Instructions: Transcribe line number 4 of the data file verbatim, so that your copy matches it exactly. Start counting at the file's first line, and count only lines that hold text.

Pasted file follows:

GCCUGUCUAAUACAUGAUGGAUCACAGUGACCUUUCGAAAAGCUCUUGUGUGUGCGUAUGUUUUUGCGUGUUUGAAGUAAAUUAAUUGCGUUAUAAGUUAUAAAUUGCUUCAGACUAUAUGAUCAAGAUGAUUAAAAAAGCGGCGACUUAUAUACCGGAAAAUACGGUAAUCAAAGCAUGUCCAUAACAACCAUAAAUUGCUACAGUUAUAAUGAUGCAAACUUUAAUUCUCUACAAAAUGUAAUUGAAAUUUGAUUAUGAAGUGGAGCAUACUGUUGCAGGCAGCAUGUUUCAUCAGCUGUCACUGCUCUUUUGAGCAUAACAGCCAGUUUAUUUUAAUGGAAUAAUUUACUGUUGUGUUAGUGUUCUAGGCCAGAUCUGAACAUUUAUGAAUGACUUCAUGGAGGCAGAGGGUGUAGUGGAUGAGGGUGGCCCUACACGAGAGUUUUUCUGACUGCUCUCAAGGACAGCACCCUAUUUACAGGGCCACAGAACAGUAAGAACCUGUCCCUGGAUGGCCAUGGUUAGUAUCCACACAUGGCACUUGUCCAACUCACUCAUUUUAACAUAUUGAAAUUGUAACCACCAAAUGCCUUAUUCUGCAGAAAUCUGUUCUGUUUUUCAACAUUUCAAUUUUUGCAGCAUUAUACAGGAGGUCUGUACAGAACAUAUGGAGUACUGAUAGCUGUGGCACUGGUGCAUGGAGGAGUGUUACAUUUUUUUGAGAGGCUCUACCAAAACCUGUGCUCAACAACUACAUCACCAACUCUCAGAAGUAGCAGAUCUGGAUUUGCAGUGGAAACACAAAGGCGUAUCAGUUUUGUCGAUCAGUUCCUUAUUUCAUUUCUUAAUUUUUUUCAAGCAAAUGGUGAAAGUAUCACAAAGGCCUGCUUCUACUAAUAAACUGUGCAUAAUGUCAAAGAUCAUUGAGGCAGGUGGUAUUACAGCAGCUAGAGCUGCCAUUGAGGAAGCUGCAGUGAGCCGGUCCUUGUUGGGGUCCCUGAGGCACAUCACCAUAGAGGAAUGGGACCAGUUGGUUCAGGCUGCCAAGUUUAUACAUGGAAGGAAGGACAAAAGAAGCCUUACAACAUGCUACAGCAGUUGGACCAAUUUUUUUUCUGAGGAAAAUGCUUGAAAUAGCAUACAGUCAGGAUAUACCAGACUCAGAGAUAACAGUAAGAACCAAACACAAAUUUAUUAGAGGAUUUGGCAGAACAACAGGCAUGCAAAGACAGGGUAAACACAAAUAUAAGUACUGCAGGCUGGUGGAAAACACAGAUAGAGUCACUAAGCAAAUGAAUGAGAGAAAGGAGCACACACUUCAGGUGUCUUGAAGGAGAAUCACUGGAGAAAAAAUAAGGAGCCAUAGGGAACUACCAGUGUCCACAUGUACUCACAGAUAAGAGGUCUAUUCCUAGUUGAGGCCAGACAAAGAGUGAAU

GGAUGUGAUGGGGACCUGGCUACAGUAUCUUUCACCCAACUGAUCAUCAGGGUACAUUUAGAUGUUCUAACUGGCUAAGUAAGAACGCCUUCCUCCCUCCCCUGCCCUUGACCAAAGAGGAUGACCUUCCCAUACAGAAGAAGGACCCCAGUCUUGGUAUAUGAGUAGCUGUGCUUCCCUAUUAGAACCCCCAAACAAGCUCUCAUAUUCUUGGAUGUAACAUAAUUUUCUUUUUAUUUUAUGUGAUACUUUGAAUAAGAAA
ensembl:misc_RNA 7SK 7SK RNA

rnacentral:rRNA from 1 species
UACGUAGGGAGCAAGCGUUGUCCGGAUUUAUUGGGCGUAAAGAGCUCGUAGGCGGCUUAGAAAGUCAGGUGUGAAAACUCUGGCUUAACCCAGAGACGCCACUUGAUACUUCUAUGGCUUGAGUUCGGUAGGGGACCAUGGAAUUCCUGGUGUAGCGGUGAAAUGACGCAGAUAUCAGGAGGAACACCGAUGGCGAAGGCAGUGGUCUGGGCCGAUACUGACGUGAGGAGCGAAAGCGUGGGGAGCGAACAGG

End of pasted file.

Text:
rnacentral:rRNA from 1 species